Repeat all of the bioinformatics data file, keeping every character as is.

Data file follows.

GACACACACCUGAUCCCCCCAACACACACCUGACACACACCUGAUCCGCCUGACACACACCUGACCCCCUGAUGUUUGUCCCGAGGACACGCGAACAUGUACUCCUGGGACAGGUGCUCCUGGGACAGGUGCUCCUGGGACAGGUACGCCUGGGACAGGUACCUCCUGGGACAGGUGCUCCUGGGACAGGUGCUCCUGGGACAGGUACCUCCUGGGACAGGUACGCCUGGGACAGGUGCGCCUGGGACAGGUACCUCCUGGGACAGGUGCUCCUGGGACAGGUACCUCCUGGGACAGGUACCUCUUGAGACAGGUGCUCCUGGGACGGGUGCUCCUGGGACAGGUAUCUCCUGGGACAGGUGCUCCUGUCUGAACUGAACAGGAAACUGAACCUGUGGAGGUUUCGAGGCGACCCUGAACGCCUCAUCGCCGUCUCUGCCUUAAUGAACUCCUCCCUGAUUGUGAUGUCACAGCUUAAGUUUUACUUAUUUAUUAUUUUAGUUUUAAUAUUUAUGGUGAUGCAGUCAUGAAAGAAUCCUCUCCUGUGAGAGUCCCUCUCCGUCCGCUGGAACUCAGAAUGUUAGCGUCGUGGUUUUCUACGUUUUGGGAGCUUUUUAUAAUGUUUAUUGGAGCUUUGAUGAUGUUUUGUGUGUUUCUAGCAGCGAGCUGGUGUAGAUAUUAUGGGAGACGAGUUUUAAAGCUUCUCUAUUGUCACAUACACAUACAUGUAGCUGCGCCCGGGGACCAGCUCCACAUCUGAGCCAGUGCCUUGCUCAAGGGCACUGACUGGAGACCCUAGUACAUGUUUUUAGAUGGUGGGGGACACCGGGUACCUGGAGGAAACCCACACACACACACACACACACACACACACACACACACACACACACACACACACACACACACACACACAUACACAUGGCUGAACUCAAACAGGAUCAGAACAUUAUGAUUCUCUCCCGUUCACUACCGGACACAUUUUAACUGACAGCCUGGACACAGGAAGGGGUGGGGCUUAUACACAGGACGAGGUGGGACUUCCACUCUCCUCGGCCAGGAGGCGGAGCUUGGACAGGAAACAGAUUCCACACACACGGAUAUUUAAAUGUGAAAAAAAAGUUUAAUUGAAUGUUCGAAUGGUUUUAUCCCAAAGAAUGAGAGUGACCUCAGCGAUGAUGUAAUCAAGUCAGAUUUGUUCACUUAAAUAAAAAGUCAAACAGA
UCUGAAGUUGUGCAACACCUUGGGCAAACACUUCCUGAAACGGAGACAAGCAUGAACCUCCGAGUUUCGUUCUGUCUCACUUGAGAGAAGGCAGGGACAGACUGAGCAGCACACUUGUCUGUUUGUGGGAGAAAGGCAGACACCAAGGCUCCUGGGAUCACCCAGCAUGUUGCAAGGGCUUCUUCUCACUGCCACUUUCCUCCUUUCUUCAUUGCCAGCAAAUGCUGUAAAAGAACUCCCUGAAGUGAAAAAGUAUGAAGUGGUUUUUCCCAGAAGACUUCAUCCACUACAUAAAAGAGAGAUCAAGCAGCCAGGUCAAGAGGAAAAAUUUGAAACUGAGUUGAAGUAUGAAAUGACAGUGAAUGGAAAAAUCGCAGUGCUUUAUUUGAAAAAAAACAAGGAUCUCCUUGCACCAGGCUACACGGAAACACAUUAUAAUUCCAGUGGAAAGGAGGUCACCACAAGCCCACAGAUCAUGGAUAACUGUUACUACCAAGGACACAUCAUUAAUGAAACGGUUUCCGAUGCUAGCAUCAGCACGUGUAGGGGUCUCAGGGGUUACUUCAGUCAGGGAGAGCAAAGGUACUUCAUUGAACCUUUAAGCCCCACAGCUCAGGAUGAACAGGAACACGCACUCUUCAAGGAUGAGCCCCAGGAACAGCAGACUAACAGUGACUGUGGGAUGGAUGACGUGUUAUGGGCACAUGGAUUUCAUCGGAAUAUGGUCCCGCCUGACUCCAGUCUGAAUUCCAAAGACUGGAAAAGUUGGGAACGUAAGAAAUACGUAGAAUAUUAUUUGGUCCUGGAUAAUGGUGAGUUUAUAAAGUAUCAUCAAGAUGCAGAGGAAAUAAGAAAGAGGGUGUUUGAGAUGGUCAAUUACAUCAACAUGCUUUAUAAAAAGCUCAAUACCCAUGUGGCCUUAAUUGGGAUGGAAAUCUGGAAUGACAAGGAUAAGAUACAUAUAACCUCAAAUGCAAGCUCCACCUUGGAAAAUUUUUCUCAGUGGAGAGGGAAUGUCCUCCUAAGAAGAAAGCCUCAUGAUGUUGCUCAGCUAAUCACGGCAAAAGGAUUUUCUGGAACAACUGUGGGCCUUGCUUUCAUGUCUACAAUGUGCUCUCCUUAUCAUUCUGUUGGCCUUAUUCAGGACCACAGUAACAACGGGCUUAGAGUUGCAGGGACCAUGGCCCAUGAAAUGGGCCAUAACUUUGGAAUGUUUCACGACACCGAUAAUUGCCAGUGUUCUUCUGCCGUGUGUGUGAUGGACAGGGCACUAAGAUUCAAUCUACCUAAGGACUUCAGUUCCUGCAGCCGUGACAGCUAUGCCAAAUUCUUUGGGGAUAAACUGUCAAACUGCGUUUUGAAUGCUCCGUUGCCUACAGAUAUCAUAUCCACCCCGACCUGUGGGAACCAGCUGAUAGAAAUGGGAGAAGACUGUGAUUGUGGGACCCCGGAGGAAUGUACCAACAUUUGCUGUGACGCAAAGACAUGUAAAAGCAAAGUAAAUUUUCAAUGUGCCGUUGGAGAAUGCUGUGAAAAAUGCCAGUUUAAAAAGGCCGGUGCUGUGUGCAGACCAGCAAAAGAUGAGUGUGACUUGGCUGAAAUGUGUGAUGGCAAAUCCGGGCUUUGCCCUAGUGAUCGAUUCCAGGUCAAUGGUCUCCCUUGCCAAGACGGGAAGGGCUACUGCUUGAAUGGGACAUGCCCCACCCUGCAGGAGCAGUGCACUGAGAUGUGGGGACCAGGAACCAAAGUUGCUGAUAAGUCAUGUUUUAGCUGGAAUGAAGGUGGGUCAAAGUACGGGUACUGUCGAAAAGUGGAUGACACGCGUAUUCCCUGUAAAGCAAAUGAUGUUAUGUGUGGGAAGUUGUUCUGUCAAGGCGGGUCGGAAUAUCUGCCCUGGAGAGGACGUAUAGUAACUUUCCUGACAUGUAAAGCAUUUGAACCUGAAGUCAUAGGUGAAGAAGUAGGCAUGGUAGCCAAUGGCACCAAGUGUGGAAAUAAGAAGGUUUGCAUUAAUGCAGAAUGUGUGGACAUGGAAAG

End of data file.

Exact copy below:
GACACACACCUGAUCCCCCCAACACACACCUGACACACACCUGAUCCGCCUGACACACACCUGACCCCCUGAUGUUUGUCCCGAGGACACGCGAACAUGUACUCCUGGGACAGGUGCUCCUGGGACAGGUGCUCCUGGGACAGGUACGCCUGGGACAGGUACCUCCUGGGACAGGUGCUCCUGGGACAGGUGCUCCUGGGACAGGUACCUCCUGGGACAGGUACGCCUGGGACAGGUGCGCCUGGGACAGGUACCUCCUGGGACAGGUGCUCCUGGGACAGGUACCUCCUGGGACAGGUACCUCUUGAGACAGGUGCUCCUGGGACGGGUGCUCCUGGGACAGGUAUCUCCUGGGACAGGUGCUCCUGUCUGAACUGAACAGGAAACUGAACCUGUGGAGGUUUCGAGGCGACCCUGAACGCCUCAUCGCCGUCUCUGCCUUAAUGAACUCCUCCCUGAUUGUGAUGUCACAGCUUAAGUUUUACUUAUUUAUUAUUUUAGUUUUAAUAUUUAUGGUGAUGCAGUCAUGAAAGAAUCCUCUCCUGUGAGAGUCCCUCUCCGUCCGCUGGAACUCAGAAUGUUAGCGUCGUGGUUUUCUACGUUUUGGGAGCUUUUUAUAAUGUUUAUUGGAGCUUUGAUGAUGUUUUGUGUGUUUCUAGCAGCGAGCUGGUGUAGAUAUUAUGGGAGACGAGUUUUAAAGCUUCUCUAUUGUCACAUACACAUACAUGUAGCUGCGCCCGGGGACCAGCUCCACAUCUGAGCCAGUGCCUUGCUCAAGGGCACUGACUGGAGACCCUAGUACAUGUUUUUAGAUGGUGGGGGACACCGGGUACCUGGAGGAAACCCACACACACACACACACACACACACACACACACACACACACACACACACACACACACACACACACACAUACACAUGGCUGAACUCAAACAGGAUCAGAACAUUAUGAUUCUCUCCCGUUCACUACCGGACACAUUUUAACUGACAGCCUGGACACAGGAAGGGGUGGGGCUUAUACACAGGACGAGGUGGGACUUCCACUCUCCUCGGCCAGGAGGCGGAGCUUGGACAGGAAACAGAUUCCACACACACGGAUAUUUAAAUGUGAAAAAAAAGUUUAAUUGAAUGUUCGAAUGGUUUUAUCCCAAAGAAUGAGAGUGACCUCAGCGAUGAUGUAAUCAAGUCAGAUUUGUUCACUUAAAUAAAAAGUCAAACAGA
UCUGAAGUUGUGCAACACCUUGGGCAAACACUUCCUGAAACGGAGACAAGCAUGAACCUCCGAGUUUCGUUCUGUCUCACUUGAGAGAAGGCAGGGACAGACUGAGCAGCACACUUGUCUGUUUGUGGGAGAAAGGCAGACACCAAGGCUCCUGGGAUCACCCAGCAUGUUGCAAGGGCUUCUUCUCACUGCCACUUUCCUCCUUUCUUCAUUGCCAGCAAAUGCUGUAAAAGAACUCCCUGAAGUGAAAAAGUAUGAAGUGGUUUUUCCCAGAAGACUUCAUCCACUACAUAAAAGAGAGAUCAAGCAGCCAGGUCAAGAGGAAAAAUUUGAAACUGAGUUGAAGUAUGAAAUGACAGUGAAUGGAAAAAUCGCAGUGCUUUAUUUGAAAAAAAACAAGGAUCUCCUUGCACCAGGCUACACGGAAACACAUUAUAAUUCCAGUGGAAAGGAGGUCACCACAAGCCCACAGAUCAUGGAUAACUGUUACUACCAAGGACACAUCAUUAAUGAAACGGUUUCCGAUGCUAGCAUCAGCACGUGUAGGGGUCUCAGGGGUUACUUCAGUCAGGGAGAGCAAAGGUACUUCAUUGAACCUUUAAGCCCCACAGCUCAGGAUGAACAGGAACACGCACUCUUCAAGGAUGAGCCCCAGGAACAGCAGACUAACAGUGACUGUGGGAUGGAUGACGUGUUAUGGGCACAUGGAUUUCAUCGGAAUAUGGUCCCGCCUGACUCCAGUCUGAAUUCCAAAGACUGGAAAAGUUGGGAACGUAAGAAAUACGUAGAAUAUUAUUUGGUCCUGGAUAAUGGUGAGUUUAUAAAGUAUCAUCAAGAUGCAGAGGAAAUAAGAAAGAGGGUGUUUGAGAUGGUCAAUUACAUCAACAUGCUUUAUAAAAAGCUCAAUACCCAUGUGGCCUUAAUUGGGAUGGAAAUCUGGAAUGACAAGGAUAAGAUACAUAUAACCUCAAAUGCAAGCUCCACCUUGGAAAAUUUUUCUCAGUGGAGAGGGAAUGUCCUCCUAAGAAGAAAGCCUCAUGAUGUUGCUCAGCUAAUCACGGCAAAAGGAUUUUCUGGAACAACUGUGGGCCUUGCUUUCAUGUCUACAAUGUGCUCUCCUUAUCAUUCUGUUGGCCUUAUUCAGGACCACAGUAACAACGGGCUUAGAGUUGCAGGGACCAUGGCCCAUGAAAUGGGCCAUAACUUUGGAAUGUUUCACGACACCGAUAAUUGCCAGUGUUCUUCUGCCGUGUGUGUGAUGGACAGGGCACUAAGAUUCAAUCUACCUAAGGACUUCAGUUCCUGCAGCCGUGACAGCUAUGCCAAAUUCUUUGGGGAUAAACUGUCAAACUGCGUUUUGAAUGCUCCGUUGCCUACAGAUAUCAUAUCCACCCCGACCUGUGGGAACCAGCUGAUAGAAAUGGGAGAAGACUGUGAUUGUGGGACCCCGGAGGAAUGUACCAACAUUUGCUGUGACGCAAAGACAUGUAAAAGCAAAGUAAAUUUUCAAUGUGCCGUUGGAGAAUGCUGUGAAAAAUGCCAGUUUAAAAAGGCCGGUGCUGUGUGCAGACCAGCAAAAGAUGAGUGUGACUUGGCUGAAAUGUGUGAUGGCAAAUCCGGGCUUUGCCCUAGUGAUCGAUUCCAGGUCAAUGGUCUCCCUUGCCAAGACGGGAAGGGCUACUGCUUGAAUGGGACAUGCCCCACCCUGCAGGAGCAGUGCACUGAGAUGUGGGGACCAGGAACCAAAGUUGCUGAUAAGUCAUGUUUUAGCUGGAAUGAAGGUGGGUCAAAGUACGGGUACUGUCGAAAAGUGGAUGACACGCGUAUUCCCUGUAAAGCAAAUGAUGUUAUGUGUGGGAAGUUGUUCUGUCAAGGCGGGUCGGAAUAUCUGCCCUGGAGAGGACGUAUAGUAACUUUCCUGACAUGUAAAGCAUUUGAACCUGAAGUCAUAGGUGAAGAAGUAGGCAUGGUAGCCAAUGGCACCAAGUGUGGAAAUAAGAAGGUUUGCAUUAAUGCAGAAUGUGUGGACAUGGAAAG